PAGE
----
Weekend in Jazz | 8.5-8.7: Musicians young and old strut their stuff

Young alto saxophonist Herb Scott brings his soulful stylings to the WKP Trio's show at Black Fox Lounge on Saturday. Courtesy Julie Turkewitz

by Giovanni Russonello
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Heavyweight musicians both young and old are out in force this weekend — not only is the famous Freddy Cole (younger brother of Nat King Cole) paying Blues Alley a visit, but local icon Jimmy “Junebug” Jackson is headlining at HR-57 , and the Washington Jazz Ensemble, a 1970s hard-bop outfit, is reuniting for its annual show at Westminster Presbyterian. Then there are the young guns: Noble Jolley and Pete Muldoon are each headlining exciting post-bop dates at Bohemian, and the soulful saxophonist Herb Scott will be a special guest at Black Fox Lounge on Saturday. Find details on all of these shows and more in this week’s edition of “Weekend in Jazz,” our listing of every D.C. jazz show on our radar. Our favorites have a label, and as always, you can read CapitalBop’s full listings directly at our D.C. jazz calendar, if you’d rather. Happy hunting!

FRIDAY, AUGUST 5

cb picks:

  • Washington Jazz Ensemble, Westminster Presbyterian, 6 p.m.
  • Freddy Cole, Blues Alley, 8 & 10 p.m.
  • Noble Jolley Quartet, Bohemian Caverns, 8:30 & 10:30 p.m.
  • Jimmy “Junebug” Jackson Quartet, HR-57, 9 p.m.
  • Antonio Parker, Twins Jazz, 9 & 11 p.m.
  • Donvonte McCoy, 18th Street Lounge, 10:30 p.m.

Alan Wonneberger & co., Jazz in the Garden, 5 p.m. | Alan Wonneberger, a faculty member at the University of Maryland Baltimore College’s music department, will present a double-drummer show. Free. View event on calendar | Jazz in the Garden website

Washington Jazz Ensemble, Westminster Presbyterian Church, 6 p.m. | The Washington Jazz Ensemble has been around, in some form or another, since the 1970s. In 1978, the group recorded its only record, an eponymous romp through hard-bop originals and jazz standards that has become something of a lost gem. The group’s membership has changed since then, and the album’s tenor saxophonist Buck Hill, a D.C. legend, won’t be with the band at Westminster Presbyterian tonight. But the group is sure to swing nonetheless, with bandleader Allen Houser on trumpet, Bob Balthus on trombone, Knud Jensen on saxophone, Darius Scott on piano, Paul Hannah on guitar, the great Steve Novosel on bass and Howard Chichester on drums. $5 cover for adults, no cover for attendees under 16, no minimum. View event on calendar | Westminster Presbyterian Church website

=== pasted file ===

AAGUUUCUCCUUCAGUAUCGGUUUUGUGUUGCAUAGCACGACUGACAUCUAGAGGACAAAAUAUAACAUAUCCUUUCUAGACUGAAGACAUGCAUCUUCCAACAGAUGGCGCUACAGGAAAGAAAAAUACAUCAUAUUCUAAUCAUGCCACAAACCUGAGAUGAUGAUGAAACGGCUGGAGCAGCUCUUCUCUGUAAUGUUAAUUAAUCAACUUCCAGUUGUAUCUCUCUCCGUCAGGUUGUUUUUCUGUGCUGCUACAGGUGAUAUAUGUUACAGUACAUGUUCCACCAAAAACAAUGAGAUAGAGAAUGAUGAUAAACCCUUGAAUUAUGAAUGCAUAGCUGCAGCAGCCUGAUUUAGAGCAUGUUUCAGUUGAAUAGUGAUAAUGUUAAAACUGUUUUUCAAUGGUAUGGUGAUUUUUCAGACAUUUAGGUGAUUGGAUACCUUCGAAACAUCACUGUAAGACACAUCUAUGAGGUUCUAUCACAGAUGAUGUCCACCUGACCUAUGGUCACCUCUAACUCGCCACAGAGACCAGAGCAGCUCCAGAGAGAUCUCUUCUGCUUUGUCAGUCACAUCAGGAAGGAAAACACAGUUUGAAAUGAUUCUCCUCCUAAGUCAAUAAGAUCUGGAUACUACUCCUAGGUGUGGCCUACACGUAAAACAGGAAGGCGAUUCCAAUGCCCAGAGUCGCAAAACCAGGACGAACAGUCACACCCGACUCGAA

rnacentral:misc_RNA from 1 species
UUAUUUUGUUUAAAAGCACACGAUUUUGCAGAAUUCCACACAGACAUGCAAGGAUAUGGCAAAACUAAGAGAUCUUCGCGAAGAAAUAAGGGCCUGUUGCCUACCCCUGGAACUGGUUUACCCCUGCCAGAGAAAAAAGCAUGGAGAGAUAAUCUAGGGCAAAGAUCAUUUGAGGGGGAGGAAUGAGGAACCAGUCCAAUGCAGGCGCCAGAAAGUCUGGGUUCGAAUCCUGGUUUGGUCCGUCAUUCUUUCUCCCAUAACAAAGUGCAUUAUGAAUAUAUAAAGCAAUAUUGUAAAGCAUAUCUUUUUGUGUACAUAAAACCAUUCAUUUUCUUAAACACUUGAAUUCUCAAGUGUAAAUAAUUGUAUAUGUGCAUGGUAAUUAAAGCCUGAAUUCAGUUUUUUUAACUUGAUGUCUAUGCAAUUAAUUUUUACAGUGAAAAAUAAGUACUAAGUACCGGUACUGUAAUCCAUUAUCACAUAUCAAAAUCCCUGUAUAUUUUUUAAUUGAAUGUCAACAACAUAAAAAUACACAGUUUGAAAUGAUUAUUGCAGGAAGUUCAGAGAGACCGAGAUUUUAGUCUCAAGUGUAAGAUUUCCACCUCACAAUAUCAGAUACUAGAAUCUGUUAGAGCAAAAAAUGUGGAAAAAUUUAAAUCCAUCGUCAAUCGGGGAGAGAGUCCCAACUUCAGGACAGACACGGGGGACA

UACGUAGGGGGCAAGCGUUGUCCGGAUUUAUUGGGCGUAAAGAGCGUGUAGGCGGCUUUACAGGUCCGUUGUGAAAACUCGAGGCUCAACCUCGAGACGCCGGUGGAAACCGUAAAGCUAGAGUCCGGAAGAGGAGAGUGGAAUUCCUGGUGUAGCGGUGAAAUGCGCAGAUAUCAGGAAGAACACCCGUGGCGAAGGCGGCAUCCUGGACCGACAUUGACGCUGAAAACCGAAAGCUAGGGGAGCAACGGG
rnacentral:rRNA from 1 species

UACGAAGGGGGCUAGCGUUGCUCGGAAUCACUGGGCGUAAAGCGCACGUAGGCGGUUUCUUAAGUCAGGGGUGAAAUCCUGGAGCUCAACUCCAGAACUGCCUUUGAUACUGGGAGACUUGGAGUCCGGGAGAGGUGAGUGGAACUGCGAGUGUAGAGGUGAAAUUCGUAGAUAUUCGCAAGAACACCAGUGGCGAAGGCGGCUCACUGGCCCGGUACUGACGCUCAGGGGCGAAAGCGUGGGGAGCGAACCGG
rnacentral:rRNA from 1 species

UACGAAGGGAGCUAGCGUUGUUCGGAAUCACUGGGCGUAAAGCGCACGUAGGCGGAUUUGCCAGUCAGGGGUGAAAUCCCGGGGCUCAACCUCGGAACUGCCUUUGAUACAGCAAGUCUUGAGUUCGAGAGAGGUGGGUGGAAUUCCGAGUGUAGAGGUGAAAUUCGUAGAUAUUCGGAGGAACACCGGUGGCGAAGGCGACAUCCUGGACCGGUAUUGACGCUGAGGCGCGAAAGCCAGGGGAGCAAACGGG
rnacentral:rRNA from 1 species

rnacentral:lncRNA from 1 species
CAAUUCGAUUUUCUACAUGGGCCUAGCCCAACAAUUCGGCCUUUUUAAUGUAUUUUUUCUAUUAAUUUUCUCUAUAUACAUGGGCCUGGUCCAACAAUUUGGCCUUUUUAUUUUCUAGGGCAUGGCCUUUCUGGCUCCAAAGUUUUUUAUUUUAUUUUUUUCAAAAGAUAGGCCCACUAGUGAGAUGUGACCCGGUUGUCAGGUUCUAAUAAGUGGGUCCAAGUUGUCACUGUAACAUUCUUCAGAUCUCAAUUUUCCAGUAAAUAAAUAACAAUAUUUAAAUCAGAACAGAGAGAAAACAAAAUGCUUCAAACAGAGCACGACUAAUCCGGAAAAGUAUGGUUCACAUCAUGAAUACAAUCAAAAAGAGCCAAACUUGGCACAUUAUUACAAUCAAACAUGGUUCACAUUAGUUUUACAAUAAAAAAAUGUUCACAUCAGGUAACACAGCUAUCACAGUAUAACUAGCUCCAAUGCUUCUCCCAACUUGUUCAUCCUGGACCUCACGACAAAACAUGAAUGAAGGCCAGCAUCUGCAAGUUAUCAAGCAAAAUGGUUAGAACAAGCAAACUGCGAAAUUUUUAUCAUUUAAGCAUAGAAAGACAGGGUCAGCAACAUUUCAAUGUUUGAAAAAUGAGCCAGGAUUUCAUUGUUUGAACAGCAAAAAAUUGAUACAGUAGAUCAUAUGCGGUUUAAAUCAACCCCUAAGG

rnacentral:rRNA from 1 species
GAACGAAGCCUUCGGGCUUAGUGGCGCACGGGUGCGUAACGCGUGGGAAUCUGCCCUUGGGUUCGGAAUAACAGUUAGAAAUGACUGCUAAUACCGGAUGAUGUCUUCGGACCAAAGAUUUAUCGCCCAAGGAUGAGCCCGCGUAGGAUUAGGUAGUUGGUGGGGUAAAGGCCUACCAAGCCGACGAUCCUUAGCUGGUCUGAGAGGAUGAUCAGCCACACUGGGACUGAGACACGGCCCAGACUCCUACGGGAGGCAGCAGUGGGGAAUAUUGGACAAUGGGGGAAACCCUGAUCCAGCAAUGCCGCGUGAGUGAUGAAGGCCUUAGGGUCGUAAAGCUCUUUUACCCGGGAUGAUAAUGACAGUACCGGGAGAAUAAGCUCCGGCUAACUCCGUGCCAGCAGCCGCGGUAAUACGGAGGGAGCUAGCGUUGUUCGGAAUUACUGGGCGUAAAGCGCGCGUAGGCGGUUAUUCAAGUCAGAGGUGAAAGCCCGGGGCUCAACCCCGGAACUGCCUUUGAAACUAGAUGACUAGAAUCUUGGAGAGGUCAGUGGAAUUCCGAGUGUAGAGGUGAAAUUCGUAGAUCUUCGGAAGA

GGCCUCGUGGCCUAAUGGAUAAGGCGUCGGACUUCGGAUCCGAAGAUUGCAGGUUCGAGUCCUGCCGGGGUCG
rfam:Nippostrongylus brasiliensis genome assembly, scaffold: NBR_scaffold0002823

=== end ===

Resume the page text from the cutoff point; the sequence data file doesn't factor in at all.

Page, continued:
Karen Gray Trio, Sala Thai (Bethesda), 7 p.m. | Commanding vocalist Karen Gray sings laid-back renditions of jazz standards in a drumless trio. No cover, 1-drink minimum. View event on calendar | Sala Thai website

Potomac Jazz Project, Sala Thai (U St.), 7 p.m. | The Potomac Jazz Project is a jazz combo, led by bassist Stan Hamrick, that takes on modern and classic jazz tunes with a showmanly flair, as well as skill. The cast of supporting musicians tends to rotate, but it’s usually a very solid lineup. No cover, 1-drink minimum. View event on calendar | Sala Thai website

Yamomanem Jazz Band, Sala Thai (Petworth), 7 p.m. | The Yamomanem Jazz Band plays a faithful take on New Orleans jazz, conjuring the days of King Oliver and early Louis Armstrong with its lush brass section. No cover, 1-drink minimum. View event on calendar | Sala Thai website

Freddy Cole, Blues Alley, 8 & 11 p.m. | Singer and pianist Freddy Cole shows plenty of similarities to his brother – the world-famous singer and pianist Nat King Cole – but his croonerism is laden with a gravellier, bluesier texture. While his older brother was a star in the 1940s, ’50s and ’60s, Freddy Cole enjoyed only middling succes. But since the 1970s, he has recorded a slew of well-received albums. His inflection and pop-jazz approach will remind you of the King, sure, but as he insists in one of his tunes, “I’m Not My Brother, I’m Me.” Two separate sets at 8 & 10 p.m. $37.75 cover, $10 minimum. View event on calendar | Blues Alley profile

Julian Hipkins Quartet, Mandarin Oriental Hotel, 8 p.m.| Julian Hipkins sings with a swingin’ flair and jaunty, deep voice that recall Jimmy Rushing. No cover, 1-drink minimum. View event on calendar | Mandarin Oriental Hotel website

Noble Jolley Quartet, Bohemian Caverns, 8:30 & 10:30 p.m. | One-half of D.C.’s acclaimed Jolley Brothers duo, Noble Jolley is a bold young pianist and keyboardist whose fluid, soul-shining pianisms are injected with a strong dose of Herbie Hancock’s influence. But he’s his own player — as modern today as Hancock was 50 years ago. Jolley, who once a month leads the Caverns’ late-night jam session the Hang, will lead a quartet featuring some of the area’s top jazz players. $15 cover in advance, $20 at the door, no minimum. View event on calendar | Bohemian Caverns profile